Tameka Joyner, program coordinator for the Reach Center, said the effort is working well at that location.

“They reached out to us when the community center closed, and we were glad to help,” Joyner said.

Dozens of local volunteers were on hand to assist with the food distribution. The Rocky Mount Police Department and the Nash County Sheriff’s Office also assisted with traffic control for the event.

The food distributions are being held during the first Thursday of each month, Noel said. The event begins at 11 a.m. and goes until 1 p.m. or later, if food still is available.

The event next month is slated to be held at the South Rocky Mount Community Center, Noel said.


Local
Work continues on new DMV headquarters

Has the coronavirus put on hold the transformation of the former Hardee’s corporate headquarters complex into the future state Division of Motor Vehicles headquarters?

If your answer is no, then you are correct.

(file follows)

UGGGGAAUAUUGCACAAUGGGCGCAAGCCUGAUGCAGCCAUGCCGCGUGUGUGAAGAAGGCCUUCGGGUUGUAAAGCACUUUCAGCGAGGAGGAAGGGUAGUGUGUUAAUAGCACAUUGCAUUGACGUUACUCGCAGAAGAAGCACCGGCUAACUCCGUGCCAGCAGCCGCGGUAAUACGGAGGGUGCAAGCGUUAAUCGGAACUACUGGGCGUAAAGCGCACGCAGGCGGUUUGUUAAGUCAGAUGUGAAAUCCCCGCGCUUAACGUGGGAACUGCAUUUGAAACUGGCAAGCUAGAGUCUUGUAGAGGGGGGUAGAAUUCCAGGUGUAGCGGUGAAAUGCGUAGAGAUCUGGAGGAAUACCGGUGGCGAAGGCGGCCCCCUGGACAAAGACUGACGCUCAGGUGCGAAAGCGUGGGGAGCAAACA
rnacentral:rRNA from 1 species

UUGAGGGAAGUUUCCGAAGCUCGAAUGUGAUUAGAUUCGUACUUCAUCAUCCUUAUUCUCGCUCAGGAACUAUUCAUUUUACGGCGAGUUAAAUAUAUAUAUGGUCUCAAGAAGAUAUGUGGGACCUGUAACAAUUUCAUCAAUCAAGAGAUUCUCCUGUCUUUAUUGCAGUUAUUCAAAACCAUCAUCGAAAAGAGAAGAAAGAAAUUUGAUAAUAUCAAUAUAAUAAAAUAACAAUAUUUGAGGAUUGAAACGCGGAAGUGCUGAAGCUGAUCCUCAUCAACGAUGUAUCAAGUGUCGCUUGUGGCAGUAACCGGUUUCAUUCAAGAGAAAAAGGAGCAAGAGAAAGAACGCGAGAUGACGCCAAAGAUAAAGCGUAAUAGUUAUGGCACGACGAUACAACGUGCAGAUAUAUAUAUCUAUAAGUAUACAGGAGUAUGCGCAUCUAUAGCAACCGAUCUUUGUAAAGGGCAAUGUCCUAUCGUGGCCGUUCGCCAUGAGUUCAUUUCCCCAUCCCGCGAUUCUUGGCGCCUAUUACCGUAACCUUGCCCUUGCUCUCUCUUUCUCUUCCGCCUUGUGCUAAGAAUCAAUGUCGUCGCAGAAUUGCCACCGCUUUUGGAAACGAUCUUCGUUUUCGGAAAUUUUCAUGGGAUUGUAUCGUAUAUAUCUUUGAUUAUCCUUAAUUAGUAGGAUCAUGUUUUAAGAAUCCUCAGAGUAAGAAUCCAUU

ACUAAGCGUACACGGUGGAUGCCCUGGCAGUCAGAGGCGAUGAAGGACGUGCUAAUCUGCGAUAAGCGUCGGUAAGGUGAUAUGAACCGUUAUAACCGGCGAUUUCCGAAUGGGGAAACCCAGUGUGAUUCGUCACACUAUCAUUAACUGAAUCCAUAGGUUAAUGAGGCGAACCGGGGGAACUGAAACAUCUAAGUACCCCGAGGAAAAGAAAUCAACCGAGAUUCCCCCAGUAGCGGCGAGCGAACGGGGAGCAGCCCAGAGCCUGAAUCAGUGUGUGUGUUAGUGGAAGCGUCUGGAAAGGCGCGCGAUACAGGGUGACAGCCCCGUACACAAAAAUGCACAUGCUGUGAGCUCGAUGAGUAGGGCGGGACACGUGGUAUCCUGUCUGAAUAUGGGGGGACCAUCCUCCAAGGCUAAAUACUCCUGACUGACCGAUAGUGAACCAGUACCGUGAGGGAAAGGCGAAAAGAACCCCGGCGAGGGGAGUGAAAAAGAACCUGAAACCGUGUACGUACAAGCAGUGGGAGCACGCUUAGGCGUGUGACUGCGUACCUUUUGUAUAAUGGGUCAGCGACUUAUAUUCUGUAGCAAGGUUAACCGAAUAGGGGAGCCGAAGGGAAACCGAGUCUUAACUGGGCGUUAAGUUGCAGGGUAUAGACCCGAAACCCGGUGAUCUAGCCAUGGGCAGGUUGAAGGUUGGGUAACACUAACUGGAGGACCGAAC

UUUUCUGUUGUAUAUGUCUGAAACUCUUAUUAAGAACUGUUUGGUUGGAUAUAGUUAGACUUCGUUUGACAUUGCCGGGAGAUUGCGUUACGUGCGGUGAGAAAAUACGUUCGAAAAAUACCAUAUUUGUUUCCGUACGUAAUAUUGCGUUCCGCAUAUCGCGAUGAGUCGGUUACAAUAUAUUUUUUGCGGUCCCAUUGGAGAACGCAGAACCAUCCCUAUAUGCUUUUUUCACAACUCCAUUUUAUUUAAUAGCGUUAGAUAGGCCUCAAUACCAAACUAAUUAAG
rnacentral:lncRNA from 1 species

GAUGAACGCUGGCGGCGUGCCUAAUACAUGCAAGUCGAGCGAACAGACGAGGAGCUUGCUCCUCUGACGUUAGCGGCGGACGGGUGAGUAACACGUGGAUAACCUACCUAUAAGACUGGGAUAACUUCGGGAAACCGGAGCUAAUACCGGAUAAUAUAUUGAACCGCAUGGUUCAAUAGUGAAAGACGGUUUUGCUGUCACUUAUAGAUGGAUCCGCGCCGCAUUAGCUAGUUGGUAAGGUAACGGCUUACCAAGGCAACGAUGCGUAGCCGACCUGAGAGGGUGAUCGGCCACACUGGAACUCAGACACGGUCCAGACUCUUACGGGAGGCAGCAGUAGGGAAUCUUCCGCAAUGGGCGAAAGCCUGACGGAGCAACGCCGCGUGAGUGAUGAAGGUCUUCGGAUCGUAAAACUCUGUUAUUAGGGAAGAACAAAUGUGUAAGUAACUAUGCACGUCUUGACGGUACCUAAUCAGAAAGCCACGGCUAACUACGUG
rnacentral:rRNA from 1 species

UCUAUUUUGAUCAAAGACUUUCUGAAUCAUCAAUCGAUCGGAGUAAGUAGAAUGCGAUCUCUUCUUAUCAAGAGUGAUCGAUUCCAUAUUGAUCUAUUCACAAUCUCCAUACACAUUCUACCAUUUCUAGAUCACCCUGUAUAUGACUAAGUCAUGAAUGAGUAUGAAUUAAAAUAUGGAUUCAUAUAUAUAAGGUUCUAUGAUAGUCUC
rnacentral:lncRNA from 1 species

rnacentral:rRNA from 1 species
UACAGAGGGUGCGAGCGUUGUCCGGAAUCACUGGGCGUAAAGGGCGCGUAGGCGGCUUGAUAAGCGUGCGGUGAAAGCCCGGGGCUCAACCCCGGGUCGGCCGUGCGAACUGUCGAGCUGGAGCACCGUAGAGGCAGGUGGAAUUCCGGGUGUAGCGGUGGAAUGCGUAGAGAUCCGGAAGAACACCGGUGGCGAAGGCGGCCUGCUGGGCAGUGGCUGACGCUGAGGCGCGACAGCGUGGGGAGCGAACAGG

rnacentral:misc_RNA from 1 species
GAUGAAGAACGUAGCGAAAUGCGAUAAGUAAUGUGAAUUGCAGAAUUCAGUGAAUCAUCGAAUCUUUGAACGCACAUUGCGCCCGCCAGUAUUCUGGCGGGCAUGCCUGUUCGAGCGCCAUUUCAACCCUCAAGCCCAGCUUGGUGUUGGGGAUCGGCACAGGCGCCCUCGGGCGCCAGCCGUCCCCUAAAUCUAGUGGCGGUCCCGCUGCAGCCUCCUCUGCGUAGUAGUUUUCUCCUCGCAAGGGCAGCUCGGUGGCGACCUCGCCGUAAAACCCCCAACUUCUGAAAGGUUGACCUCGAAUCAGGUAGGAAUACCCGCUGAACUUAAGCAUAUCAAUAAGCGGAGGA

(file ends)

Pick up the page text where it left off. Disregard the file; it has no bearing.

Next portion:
“The work never stopped,” DMV spokesman John Brockwell said on Thursday in response to emailed questions about the status of the complex along North Church Street.

Rocky Mount Area Chamber of Commerce President and CEO David Farris on Thursday said, “We see a good summer for Rocky Mount.”

Mayor Sandy Roberson on Thursday spoke of the potential of local residents filling positions vacated by DMV workers who choose to transfer to other state agencies or who are close to retirement age.

Roberson also said his understanding is that there are DMV jobs offering what would be quite good pay in the Rocky Mount area.

Roberson emphasized another thing he is elated about is that the relocation of the DMV perhaps creates opportunities for other state agencies to relocate to Rocky Mount.

Roberson cited the proximity of Rocky Mount to Raleigh and the relatively low costs of operations in Rocky Mount compared to some of the places in Raleigh.

Roberson said that in Rocky Mount, “The doors are open and we’re open for business.”

Of the coming of the DMV headquarters to Rocky Mount, Roberson said, “This is exciting news and I think we should celebrate it.”

“I think it’s fantastic,” he said.